About Strep Throat

Key points

  • Strep throat is a bacterial infection in the throat and tonsils.
  • Healthcare providers can do a quick test to see if a sore throat is strep throat.
  • Antibiotics can help people with strep throat feel better faster.
A healthcare provider examining the throat of a young girl.

What it is

Strep throat is a bacterial infection in the throat and tonsils.

Worried your sore throat may be strep throat?‎

Viruses cause most sore throats. Only around 1 in 10 adults and 3 in 10 children with a sore throat have strep throat.


It usually takes 2 to 5 days after exposure to become ill with strep throat.

Common symptoms may include:

  • Fever
  • Pain when swallowing
  • Red and swollen tonsils
  • Sore throat that started very quickly and may look red
  • Swollen lymph nodes in the front of the neck
  • Tiny, red spots on the roof of the mouth, called petechiae
  • White patches or streaks of pus on the tonsils
Illustration of the inside of a healthy mouth
See what a healthy throat looks like.
A labelled illustration of the inside of the mouth of a person with strep throat
Swelling, redness, and white patches are common symptoms of strep throat.

Less common symptoms, especially for children, may include:

  • Headache
  • Nausea or vomiting
  • Rash (scarlet fever)
  • Stomach pain


Complications can occur after a strep throat infection if the bacteria spread to other parts of the body.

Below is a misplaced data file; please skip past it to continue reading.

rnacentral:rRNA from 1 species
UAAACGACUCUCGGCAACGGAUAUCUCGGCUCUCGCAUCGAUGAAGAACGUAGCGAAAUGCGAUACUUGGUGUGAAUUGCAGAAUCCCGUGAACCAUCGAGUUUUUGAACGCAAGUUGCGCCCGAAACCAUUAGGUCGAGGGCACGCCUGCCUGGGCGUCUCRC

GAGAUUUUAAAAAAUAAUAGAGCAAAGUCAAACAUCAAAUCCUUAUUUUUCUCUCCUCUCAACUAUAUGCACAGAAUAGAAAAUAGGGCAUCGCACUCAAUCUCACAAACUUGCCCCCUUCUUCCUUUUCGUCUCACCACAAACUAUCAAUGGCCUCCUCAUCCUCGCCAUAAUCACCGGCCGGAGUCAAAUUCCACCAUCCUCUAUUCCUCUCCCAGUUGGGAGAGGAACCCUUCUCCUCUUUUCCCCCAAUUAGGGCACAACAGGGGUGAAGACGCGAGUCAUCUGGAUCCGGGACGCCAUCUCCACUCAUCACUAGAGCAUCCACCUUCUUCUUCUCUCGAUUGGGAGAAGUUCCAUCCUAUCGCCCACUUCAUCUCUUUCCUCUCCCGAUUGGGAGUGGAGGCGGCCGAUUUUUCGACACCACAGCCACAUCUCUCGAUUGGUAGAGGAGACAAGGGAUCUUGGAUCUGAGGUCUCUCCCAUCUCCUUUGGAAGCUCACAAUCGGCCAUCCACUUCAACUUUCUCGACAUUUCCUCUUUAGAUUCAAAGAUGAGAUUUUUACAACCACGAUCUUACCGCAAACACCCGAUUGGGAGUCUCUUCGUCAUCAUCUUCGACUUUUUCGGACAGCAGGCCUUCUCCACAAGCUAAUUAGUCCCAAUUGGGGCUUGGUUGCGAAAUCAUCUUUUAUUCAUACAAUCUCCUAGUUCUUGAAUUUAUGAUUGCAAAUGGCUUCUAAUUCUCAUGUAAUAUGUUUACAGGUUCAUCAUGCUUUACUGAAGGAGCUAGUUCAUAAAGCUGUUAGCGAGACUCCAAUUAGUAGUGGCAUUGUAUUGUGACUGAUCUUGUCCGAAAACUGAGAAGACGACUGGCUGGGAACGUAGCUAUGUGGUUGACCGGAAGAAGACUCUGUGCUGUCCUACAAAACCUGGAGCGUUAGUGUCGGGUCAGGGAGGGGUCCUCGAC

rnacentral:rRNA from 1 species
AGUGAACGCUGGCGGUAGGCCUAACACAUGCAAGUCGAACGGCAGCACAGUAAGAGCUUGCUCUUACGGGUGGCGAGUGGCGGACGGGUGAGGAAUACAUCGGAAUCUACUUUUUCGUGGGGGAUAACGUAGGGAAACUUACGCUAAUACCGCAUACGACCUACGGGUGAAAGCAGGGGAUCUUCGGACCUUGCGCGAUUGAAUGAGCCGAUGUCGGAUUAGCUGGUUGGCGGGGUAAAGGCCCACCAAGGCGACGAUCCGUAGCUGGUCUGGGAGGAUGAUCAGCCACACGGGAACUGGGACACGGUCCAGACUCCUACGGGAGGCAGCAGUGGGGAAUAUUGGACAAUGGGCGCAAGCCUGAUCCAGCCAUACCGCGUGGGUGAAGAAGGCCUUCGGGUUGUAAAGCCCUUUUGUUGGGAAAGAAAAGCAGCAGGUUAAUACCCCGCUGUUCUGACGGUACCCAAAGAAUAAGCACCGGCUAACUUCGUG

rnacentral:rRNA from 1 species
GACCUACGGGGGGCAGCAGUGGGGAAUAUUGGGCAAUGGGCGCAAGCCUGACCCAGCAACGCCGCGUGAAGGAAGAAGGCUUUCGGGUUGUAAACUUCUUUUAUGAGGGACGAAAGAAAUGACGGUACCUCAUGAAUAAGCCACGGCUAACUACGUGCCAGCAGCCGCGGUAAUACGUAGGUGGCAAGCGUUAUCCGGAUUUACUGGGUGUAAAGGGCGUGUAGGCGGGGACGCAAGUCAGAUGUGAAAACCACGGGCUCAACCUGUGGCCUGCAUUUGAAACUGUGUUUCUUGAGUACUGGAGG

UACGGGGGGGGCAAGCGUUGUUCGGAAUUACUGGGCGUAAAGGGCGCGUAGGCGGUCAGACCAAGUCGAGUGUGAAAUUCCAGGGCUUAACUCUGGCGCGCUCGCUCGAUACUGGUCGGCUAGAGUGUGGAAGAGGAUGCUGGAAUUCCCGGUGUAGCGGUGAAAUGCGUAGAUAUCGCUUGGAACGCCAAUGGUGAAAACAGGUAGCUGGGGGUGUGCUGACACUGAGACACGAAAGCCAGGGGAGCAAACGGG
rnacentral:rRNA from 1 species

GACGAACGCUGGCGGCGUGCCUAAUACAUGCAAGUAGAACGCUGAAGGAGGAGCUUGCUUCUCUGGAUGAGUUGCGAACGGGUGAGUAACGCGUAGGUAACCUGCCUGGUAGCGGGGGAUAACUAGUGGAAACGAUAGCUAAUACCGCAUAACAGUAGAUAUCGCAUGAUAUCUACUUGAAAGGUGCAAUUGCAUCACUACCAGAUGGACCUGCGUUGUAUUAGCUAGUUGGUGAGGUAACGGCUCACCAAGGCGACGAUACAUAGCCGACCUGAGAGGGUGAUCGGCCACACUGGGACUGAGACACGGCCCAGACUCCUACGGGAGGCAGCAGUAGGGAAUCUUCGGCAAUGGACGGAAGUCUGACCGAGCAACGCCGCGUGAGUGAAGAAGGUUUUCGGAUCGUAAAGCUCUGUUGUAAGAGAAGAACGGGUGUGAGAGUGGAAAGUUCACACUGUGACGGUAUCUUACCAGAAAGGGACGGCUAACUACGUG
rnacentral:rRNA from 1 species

Complications can include:

  • Abscesses (pockets of pus) around the tonsils or in the neck
  • Ear infections
  • Post-streptococcal glomerulonephritis (a kidney disease)
  • Rheumatic fever (a disease affecting the heart, joints, brain, skin)
  • Sinus infections

Risk factors

Anyone can get strep throat, but some factors increase the risk of getting it.


Strep throat is more common in children than adults.

  • Most common: Children 5 through 15 years old
  • Rare: Children younger than 3 years old

Close contact

Close contact with another person with strep throat is the most common risk factor for illness. For example, if someone has strep throat, the bacteria often spread to other people in their household.

Contact with children: Parents of school-age children and adults who are often in contact with children are at increased risk.

Crowded settings can increase the risk of getting any group A streptococcal infection including strep throat. These settings include:

  • Daycare centers and schools
  • Detention or correctional facilities
  • Homeless shelters
  • Military training facilities


Group A Streptococcus (group A strep bacteria) cause strep throat and are contagious.


People can take steps to help protect themselves and others from group A strep infections, including strep throat.

Testing and diagnosis

Healthcare providers can use 2 types of tests to diagnose strep throat.

Treatment and recovery

Healthcare providers treat strep throat with antibiotics.

Similar conditions

Viral sore throat

The following symptoms suggest a virus, not strep throat, is the cause of a sore throat:

  • Cough
  • Runny nose
  • Hoarseness (changes in voice to sound breathy, raspy or strained)
  • Conjunctivitis (pink eye)

What's it mean to be a strep carrier?‎

Some people can test positive for group A strep bacteria but have no symptoms. Are they contagious? Do they need antibiotics?